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Hypable

PBS is standing its ground on delaying the release of Downton Abbey series 4 until after it airs in the U.K., but they may make an about-face on Sherlock series 3.

First, a catch up: PBS has already confirmed in recent months that Sherlock series 3 will premiere in early 2014. Downton Abbey series 4 will air specifically on January 5.

But in comments made today at their Television Critics Association panel in Los Angeles, PBS president Paula Kerger said that they may air Sherlock at the same time it runs in the United Kingdom (reportedly this fall): “We haven’t yet set the broadcast for Sherlock and we’re actually looking very carefully. I don’t think the broadcast for the U.K. [has been set] either. But that’s a subject of great interest, obviously, because like Downton, it has a very passionate fan base….we’ll look at the schedule for Sherlock very carefully.”

This is an interesting change of heart from just three weeks ago when Sherlock‘s showrunners said at San Diego Comic-Con that the show would premiere on PBS in early 2014 – a statement that actually drew groans from the audience and ended the panel on a low note rather than a high one.

We told you earlier this year that Benedict Cumberbatch was personally campaigning to have Sherlock run simultaneously in both countries.

Elsewhere in her panel today, Kerger spoke about why they’ve not moved Downton’s U.S. airings to the U.K. schedule. “I think as we have looked at this whole issue of spoilers and thought about how best to steward the property and also think about the viewership, we considered a number of factors in the scheduling of Downton,” she explained. “The fact that word-of-mouth travels after it airs in the U.K. has actually benefited us … we kind of don’t want to mess with that if it’s working so well.”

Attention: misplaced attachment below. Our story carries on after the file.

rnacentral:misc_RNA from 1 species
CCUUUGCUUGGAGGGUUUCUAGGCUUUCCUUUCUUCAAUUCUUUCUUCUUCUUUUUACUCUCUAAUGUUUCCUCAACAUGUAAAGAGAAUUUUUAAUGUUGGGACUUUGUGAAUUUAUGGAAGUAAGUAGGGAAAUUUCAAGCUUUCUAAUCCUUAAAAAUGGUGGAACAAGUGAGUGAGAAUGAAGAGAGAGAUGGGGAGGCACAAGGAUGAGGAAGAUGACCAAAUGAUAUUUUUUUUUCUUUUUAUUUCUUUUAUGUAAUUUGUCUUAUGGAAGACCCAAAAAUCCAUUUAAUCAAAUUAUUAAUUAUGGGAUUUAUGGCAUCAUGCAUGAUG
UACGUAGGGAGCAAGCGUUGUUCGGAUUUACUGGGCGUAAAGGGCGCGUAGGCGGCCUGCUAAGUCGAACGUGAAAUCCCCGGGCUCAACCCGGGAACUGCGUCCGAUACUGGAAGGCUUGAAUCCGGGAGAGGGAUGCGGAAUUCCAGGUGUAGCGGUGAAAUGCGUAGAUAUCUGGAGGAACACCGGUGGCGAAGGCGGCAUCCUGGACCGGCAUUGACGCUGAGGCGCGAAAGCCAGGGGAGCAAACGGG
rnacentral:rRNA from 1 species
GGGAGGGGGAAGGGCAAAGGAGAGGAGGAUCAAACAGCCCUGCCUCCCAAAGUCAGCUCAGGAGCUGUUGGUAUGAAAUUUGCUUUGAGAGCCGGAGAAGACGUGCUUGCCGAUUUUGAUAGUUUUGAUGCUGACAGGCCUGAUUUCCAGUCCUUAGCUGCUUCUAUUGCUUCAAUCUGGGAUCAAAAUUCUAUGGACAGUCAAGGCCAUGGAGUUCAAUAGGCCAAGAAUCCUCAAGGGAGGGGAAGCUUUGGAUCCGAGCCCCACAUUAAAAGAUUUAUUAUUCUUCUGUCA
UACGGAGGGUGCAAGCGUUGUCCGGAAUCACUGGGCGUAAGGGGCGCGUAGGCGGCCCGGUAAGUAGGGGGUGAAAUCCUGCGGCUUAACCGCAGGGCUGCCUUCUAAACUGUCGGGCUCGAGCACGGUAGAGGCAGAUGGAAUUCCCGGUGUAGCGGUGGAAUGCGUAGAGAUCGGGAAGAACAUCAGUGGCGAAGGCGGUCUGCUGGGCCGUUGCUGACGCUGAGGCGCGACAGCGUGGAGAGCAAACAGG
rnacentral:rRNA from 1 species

This remark is also interesting because it sounds like Kerger thinks that simultaneous airings could actually damage viewership. She seems to be missing the fact that many U.S. viewers illegally obtain the show so they aren’t spoiled online.

Thanks to EW for the quotes.

  • Jamie

    The word of mouth argument makes sense for the first season, maybe even two seasons, but after that it completely loses merit. For later seasons they are just losing viewers who will find illegal means of watching the show, which is too bad because PBS can always use a boost.

  • Caroline J.

    maybe im wrong (i dont know about tv economics) but maybe airing the show at separate times creates a steadier cash flow? as opposed to a spike for 10 weeks in the fall. and then by the time it airs in the U.S. they’re already filming the next series, so interest remains piqued? thats my best guess. and i’m probably wrong, lol.

    • http://www.hypable.com/ Andrew Sims

      That’s definitely a valid case for internet traffic on websites like ours, but PBS and ITV are totally different networks and I don’t think they’d benefit off of separate airings.

    • Janey

      Your theory is worthy of Andrew commenting about it. How does it feel? :)

  • Maria Wang

    Everybody needs to send this lady a howler, she ain’t talking sense.

  • http://ravenclaw1991.tumblr.com/ ravenclaw1991